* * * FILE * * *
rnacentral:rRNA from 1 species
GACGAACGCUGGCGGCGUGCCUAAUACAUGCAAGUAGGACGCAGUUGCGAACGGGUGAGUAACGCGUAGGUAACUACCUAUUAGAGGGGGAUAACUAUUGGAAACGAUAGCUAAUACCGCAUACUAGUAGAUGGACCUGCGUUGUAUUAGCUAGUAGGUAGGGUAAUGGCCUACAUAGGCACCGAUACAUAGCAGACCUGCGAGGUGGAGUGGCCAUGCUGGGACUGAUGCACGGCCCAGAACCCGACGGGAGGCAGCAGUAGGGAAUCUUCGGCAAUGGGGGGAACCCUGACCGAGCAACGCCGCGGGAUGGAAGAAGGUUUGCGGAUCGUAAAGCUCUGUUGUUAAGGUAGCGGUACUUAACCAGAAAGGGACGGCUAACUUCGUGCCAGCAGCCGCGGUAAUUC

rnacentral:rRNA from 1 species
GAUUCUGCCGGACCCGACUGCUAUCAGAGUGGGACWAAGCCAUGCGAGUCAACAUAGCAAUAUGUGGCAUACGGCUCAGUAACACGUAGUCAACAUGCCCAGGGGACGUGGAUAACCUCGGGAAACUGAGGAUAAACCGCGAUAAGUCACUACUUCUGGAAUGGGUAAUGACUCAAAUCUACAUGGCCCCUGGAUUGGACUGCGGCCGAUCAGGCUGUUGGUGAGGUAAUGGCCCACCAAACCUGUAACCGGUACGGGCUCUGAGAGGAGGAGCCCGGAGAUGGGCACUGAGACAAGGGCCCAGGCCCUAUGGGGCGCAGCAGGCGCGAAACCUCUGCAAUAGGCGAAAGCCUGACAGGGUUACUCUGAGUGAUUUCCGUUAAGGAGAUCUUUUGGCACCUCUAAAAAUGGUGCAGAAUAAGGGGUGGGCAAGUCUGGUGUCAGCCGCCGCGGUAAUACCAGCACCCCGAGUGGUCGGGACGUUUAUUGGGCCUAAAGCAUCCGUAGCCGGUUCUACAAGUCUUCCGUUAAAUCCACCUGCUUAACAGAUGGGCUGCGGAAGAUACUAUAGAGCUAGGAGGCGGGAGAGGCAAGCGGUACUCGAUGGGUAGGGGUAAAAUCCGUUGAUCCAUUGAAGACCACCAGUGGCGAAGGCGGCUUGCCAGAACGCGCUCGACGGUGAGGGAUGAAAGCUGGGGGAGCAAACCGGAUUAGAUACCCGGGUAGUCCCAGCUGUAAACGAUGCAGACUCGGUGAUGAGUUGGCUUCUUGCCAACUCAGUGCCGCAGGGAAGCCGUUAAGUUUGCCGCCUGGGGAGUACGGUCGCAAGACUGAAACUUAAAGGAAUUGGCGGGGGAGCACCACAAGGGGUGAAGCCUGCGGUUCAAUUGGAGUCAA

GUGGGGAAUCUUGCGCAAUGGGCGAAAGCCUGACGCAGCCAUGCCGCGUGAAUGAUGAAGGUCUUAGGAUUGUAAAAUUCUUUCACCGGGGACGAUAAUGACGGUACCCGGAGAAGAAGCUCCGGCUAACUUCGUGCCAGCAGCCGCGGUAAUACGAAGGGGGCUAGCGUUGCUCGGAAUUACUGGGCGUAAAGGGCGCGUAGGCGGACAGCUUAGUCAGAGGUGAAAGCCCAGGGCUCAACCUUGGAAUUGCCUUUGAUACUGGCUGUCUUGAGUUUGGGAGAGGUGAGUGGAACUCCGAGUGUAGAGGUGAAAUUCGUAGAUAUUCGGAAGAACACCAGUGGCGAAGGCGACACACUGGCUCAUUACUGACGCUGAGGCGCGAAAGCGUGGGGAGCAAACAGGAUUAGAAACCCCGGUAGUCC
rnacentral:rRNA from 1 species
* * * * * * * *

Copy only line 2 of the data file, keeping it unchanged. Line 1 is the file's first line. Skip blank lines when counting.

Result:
GACGAACGCUGGCGGCGUGCCUAAUACAUGCAAGUAGGACGCAGUUGCGAACGGGUGAGUAACGCGUAGGUAACUACCUAUUAGAGGGGGAUAACUAUUGGAAACGAUAGCUAAUACCGCAUACUAGUAGAUGGACCUGCGUUGUAUUAGCUAGUAGGUAGGGUAAUGGCCUACAUAGGCACCGAUACAUAGCAGACCUGCGAGGUGGAGUGGCCAUGCUGGGACUGAUGCACGGCCCAGAACCCGACGGGAGGCAGCAGUAGGGAAUCUUCGGCAAUGGGGGGAACCCUGACCGAGCAACGCCGCGGGAUGGAAGAAGGUUUGCGGAUCGUAAAGCUCUGUUGUUAAGGUAGCGGUACUUAACCAGAAAGGGACGGCUAACUUCGUGCCAGCAGCCGCGGUAAUUC